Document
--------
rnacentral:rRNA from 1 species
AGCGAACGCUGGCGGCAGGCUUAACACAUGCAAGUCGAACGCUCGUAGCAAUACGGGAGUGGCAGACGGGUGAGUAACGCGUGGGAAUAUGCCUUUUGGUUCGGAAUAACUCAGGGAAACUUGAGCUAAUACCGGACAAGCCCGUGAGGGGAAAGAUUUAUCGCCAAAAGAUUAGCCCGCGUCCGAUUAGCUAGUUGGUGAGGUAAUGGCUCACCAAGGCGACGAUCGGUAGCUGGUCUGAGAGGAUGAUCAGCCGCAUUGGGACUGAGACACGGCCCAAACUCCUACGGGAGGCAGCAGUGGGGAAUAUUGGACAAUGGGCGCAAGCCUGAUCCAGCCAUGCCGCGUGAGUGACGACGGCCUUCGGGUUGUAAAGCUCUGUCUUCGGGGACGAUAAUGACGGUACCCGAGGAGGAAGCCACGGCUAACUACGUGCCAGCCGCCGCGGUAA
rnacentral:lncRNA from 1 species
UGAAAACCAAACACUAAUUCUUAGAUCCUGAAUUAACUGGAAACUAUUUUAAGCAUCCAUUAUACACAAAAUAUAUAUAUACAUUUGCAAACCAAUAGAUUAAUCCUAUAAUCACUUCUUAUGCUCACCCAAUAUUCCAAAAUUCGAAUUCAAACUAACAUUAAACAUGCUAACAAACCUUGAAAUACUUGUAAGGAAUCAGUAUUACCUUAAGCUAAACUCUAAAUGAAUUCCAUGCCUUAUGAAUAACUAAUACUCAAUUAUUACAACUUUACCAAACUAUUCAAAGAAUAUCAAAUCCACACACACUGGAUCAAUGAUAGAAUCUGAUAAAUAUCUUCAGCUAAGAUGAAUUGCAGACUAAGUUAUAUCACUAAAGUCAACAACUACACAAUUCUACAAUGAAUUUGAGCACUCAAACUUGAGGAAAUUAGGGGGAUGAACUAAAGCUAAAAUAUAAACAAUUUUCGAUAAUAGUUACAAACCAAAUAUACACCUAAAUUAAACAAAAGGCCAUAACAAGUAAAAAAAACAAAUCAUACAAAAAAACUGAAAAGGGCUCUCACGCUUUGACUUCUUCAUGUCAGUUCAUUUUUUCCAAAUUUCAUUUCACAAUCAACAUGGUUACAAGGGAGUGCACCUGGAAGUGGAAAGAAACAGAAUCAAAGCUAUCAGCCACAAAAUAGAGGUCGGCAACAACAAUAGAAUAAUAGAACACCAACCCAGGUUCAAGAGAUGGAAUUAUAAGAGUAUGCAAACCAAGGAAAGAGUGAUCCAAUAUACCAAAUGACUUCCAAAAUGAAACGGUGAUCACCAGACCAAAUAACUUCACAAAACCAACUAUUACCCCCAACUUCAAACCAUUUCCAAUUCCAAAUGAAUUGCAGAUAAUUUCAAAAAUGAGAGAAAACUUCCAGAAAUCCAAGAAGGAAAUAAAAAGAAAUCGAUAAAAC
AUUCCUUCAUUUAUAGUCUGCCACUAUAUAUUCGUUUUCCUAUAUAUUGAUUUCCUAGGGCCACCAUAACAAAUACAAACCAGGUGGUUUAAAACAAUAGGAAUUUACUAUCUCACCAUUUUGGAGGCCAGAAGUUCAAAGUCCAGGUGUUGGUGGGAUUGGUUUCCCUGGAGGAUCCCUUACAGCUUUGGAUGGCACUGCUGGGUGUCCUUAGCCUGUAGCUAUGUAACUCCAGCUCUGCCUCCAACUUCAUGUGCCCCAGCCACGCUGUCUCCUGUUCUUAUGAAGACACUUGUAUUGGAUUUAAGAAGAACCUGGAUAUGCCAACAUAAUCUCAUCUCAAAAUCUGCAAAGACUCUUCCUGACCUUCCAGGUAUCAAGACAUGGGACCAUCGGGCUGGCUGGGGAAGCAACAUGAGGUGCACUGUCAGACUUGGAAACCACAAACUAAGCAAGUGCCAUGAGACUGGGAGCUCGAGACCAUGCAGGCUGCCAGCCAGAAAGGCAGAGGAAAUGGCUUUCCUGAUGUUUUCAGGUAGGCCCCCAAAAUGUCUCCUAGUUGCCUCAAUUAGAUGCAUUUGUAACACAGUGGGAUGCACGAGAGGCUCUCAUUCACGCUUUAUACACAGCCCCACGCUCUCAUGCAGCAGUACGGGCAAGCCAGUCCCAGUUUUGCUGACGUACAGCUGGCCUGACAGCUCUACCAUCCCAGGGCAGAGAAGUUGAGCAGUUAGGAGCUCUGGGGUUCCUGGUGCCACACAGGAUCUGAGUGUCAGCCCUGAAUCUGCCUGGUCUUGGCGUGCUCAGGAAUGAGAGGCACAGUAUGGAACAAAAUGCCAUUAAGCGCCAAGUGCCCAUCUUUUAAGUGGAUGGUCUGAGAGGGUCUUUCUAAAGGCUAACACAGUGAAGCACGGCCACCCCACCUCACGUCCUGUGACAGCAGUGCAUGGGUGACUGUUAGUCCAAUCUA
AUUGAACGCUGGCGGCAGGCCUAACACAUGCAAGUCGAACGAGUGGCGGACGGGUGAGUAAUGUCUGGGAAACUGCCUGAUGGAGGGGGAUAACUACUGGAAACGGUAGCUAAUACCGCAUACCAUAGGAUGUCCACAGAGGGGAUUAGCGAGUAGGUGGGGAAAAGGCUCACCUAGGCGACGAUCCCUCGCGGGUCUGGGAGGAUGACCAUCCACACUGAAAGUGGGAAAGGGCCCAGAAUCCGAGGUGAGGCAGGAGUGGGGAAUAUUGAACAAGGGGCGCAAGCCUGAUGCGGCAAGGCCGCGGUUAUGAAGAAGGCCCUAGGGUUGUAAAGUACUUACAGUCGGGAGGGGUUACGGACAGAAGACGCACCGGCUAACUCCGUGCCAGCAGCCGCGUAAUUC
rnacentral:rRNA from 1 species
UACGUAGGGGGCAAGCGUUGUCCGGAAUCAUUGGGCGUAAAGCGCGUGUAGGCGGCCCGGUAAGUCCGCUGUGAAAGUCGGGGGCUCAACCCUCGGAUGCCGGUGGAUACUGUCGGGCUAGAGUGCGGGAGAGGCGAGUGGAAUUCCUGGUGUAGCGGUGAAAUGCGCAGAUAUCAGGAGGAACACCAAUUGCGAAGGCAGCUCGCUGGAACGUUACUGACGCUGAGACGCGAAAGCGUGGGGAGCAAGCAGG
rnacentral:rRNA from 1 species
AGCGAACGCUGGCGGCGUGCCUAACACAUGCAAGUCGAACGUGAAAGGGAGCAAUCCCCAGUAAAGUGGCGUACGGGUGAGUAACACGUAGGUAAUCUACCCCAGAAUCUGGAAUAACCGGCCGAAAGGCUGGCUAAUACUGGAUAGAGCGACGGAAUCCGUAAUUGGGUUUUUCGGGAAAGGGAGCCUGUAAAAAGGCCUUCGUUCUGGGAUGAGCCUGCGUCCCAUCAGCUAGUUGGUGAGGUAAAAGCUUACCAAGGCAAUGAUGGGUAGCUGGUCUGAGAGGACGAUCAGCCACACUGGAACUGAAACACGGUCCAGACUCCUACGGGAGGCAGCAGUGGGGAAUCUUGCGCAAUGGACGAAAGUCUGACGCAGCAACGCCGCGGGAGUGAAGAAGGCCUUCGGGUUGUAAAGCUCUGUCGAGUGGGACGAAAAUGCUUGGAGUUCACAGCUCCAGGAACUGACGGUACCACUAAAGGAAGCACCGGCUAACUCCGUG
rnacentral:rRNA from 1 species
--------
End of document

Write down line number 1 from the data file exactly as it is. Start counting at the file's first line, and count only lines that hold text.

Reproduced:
rnacentral:rRNA from 1 species